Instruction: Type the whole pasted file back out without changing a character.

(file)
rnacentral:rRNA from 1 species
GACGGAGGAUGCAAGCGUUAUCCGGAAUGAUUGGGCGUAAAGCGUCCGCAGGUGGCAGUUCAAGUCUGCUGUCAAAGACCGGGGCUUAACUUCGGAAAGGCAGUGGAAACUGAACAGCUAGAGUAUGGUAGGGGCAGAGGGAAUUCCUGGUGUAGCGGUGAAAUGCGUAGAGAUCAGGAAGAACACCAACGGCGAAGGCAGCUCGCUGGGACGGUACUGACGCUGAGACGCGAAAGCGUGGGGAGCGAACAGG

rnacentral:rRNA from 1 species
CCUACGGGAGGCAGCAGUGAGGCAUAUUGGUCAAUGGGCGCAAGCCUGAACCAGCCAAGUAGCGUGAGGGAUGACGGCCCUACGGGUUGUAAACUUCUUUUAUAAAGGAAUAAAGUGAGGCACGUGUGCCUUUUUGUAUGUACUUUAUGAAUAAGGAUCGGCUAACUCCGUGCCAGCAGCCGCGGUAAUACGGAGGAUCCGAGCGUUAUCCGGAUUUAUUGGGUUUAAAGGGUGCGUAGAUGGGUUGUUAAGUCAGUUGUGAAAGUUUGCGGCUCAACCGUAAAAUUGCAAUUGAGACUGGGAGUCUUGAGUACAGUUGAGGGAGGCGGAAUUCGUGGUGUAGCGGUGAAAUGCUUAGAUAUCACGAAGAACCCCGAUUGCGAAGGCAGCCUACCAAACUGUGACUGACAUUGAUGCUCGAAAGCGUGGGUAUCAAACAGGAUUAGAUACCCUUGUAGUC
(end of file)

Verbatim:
rnacentral:rRNA from 1 species
GACGGAGGAUGCAAGCGUUAUCCGGAAUGAUUGGGCGUAAAGCGUCCGCAGGUGGCAGUUCAAGUCUGCUGUCAAAGACCGGGGCUUAACUUCGGAAAGGCAGUGGAAACUGAACAGCUAGAGUAUGGUAGGGGCAGAGGGAAUUCCUGGUGUAGCGGUGAAAUGCGUAGAGAUCAGGAAGAACACCAACGGCGAAGGCAGCUCGCUGGGACGGUACUGACGCUGAGACGCGAAAGCGUGGGGAGCGAACAGG

rnacentral:rRNA from 1 species
CCUACGGGAGGCAGCAGUGAGGCAUAUUGGUCAAUGGGCGCAAGCCUGAACCAGCCAAGUAGCGUGAGGGAUGACGGCCCUACGGGUUGUAAACUUCUUUUAUAAAGGAAUAAAGUGAGGCACGUGUGCCUUUUUGUAUGUACUUUAUGAAUAAGGAUCGGCUAACUCCGUGCCAGCAGCCGCGGUAAUACGGAGGAUCCGAGCGUUAUCCGGAUUUAUUGGGUUUAAAGGGUGCGUAGAUGGGUUGUUAAGUCAGUUGUGAAAGUUUGCGGCUCAACCGUAAAAUUGCAAUUGAGACUGGGAGUCUUGAGUACAGUUGAGGGAGGCGGAAUUCGUGGUGUAGCGGUGAAAUGCUUAGAUAUCACGAAGAACCCCGAUUGCGAAGGCAGCCUACCAAACUGUGACUGACAUUGAUGCUCGAAAGCGUGGGUAUCAAACAGGAUUAGAUACCCUUGUAGUC